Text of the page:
My Typographic Research class is back in session, which means my students are adding new posts to our class Tumblr daily, so have a look when you’re in need of typographic inspiration. (One of my favorites so far is Emilia’s find of Claes Oldenburg’s 1978 Soft Alphabet, which must have been inpsired by Wim Crouwel’s original 1970 typeface for a Stedelijk Museum catalog for the artist.) I was lucky enough to meet the brilliant David Karp, founder of Tumblr, at the WebbyConnect Conference last year and we spoke a bit about Tumblr’s amazing educational capabilities, particularly in art education where it can play both bulletin board and archive with dead-simple collaboration for an unlimited number of users posting via a single email address. Compared to the proprietary Blackboard software, now a staple at many high schools and colleges, Tumblr and many services like it offer educators more for less, and I’m glad to see other design professors following suit. At Pratt, Ali Madad’s class blog Insipid & Inspirational has become a new favorite of mine.


Dear Lulu is a calibration booklet for the on-demand print service Lulu.com created by James Goggin of Practise and his students at Hochschule Darmstadt, Germany. Brilliant! (via Thinking for a Living)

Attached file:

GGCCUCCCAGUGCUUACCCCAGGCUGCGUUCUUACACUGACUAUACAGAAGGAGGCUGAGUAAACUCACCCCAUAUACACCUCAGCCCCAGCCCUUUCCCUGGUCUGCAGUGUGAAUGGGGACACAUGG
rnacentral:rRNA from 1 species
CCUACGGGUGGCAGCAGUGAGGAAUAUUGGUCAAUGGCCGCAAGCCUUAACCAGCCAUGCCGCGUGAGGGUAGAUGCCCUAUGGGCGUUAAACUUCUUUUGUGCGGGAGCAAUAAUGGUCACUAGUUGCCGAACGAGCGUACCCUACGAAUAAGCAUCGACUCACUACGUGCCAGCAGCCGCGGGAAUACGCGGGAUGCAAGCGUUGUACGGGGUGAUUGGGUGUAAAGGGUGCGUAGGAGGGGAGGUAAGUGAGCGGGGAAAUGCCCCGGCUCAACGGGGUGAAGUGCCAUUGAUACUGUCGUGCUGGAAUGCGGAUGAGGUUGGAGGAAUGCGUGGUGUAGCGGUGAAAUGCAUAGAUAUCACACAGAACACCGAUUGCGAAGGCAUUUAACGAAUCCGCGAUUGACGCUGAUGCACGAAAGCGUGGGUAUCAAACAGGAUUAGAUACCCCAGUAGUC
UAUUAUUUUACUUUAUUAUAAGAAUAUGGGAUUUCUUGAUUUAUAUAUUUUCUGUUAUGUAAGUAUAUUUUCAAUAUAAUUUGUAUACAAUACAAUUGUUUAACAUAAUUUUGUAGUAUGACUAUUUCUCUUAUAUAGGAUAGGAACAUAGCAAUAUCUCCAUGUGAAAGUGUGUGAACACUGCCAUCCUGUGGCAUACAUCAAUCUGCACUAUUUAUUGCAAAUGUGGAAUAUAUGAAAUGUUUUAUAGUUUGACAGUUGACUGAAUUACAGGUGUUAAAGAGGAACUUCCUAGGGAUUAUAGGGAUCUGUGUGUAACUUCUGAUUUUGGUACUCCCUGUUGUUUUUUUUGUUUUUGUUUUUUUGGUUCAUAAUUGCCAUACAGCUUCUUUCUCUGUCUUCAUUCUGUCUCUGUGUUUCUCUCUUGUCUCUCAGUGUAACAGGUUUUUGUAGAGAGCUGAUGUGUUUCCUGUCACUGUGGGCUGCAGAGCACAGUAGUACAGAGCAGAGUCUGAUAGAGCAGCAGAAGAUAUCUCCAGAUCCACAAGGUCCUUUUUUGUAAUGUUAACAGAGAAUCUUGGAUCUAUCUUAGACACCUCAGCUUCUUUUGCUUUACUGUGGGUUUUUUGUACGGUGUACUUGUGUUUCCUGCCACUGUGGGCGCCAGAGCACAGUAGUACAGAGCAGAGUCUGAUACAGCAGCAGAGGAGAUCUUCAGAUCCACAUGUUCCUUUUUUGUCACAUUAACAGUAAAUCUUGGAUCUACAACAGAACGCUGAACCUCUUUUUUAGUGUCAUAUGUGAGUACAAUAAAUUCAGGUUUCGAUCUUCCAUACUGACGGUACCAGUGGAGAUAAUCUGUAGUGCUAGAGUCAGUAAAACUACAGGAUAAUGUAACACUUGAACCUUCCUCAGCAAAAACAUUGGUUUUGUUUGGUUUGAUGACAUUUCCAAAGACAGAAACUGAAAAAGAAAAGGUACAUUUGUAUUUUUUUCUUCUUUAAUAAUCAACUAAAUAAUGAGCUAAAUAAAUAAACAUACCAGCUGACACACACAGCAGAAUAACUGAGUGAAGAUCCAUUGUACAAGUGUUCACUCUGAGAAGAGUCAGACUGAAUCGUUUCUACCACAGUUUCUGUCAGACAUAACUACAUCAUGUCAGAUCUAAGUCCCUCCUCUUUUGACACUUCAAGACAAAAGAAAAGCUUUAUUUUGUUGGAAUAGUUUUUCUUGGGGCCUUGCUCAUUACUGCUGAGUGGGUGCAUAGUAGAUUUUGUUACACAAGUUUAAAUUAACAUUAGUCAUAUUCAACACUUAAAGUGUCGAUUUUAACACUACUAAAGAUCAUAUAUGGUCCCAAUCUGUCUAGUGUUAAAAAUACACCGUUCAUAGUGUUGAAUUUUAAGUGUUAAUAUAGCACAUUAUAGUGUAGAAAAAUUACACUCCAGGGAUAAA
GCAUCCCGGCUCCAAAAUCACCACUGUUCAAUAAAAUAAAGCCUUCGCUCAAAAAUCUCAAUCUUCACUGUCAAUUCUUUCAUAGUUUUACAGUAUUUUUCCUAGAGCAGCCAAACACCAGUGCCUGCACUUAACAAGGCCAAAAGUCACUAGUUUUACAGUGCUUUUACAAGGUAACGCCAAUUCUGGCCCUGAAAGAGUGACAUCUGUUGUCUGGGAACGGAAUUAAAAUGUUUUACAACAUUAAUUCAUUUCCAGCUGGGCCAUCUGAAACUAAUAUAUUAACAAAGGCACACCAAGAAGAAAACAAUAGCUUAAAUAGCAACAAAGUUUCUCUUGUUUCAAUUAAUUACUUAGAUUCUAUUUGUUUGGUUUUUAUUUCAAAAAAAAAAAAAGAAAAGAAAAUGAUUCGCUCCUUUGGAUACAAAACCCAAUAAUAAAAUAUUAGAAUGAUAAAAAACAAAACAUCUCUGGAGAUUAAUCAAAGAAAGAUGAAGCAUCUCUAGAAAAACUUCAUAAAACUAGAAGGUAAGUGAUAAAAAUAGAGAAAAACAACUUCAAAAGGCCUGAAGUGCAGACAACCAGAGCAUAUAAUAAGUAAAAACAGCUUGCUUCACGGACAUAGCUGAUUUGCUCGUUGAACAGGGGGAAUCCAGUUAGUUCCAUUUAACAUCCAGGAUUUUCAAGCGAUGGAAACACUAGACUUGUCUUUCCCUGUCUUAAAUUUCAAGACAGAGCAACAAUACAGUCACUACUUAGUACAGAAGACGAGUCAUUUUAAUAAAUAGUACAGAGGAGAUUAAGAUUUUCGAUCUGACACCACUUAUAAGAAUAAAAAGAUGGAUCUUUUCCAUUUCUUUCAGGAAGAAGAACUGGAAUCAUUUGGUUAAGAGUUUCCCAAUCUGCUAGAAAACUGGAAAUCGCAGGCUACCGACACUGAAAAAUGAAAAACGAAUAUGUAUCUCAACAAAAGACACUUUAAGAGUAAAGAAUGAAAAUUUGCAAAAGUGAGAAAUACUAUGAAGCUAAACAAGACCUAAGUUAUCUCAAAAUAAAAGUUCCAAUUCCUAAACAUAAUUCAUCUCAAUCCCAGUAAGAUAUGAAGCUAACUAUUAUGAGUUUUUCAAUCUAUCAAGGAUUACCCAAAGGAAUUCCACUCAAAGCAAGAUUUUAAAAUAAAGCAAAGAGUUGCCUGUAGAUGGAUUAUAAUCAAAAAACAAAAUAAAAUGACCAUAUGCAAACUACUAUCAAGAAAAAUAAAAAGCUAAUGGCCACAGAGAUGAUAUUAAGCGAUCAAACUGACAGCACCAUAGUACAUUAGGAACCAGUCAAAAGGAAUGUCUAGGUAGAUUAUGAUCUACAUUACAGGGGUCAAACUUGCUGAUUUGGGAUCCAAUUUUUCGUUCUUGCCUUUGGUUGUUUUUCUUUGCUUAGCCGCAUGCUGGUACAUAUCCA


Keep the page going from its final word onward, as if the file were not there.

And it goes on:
This may be familiar news by now, but 18-year-old Apple fan Nick Haley created an ad for the iPod Touch and posted it to YouTube and Apple’s decided to run it nationally. From Stuart Elliott’s article in NYT, “Consumers creating commercials ‘is part of this brave new world we live in,’ said Lee Clow, chairman and chief creative officer at TBWA Worldwide, based in the Los Angeles neighborhood of Playa del Rey. ‘It’s an exciting new format for brands to communicate with their audiences,’ Mr. Clow said. ‘People’s relationship with a brand is becoming a dialog, not a monolog.’” See Haley’s original ad here and the official Apple remix here.


Behold the brilliant homemadeness of The Go! Team’s video for “Panther Dash” (via VSL).


Kevin Kelly on two self-publishing services, Blurb and Lulu. I haven’t tried these sites yet, but I can definitely recommend Fastback Creative Books.



Always full of useful suggestions, Lifehacker pointed me in the direction of this technique for folding a CD case from a single sheet of 8.5x11” paper.


Make graph paper yourself, in almost any increment, line weight, or color (thx, Kevin).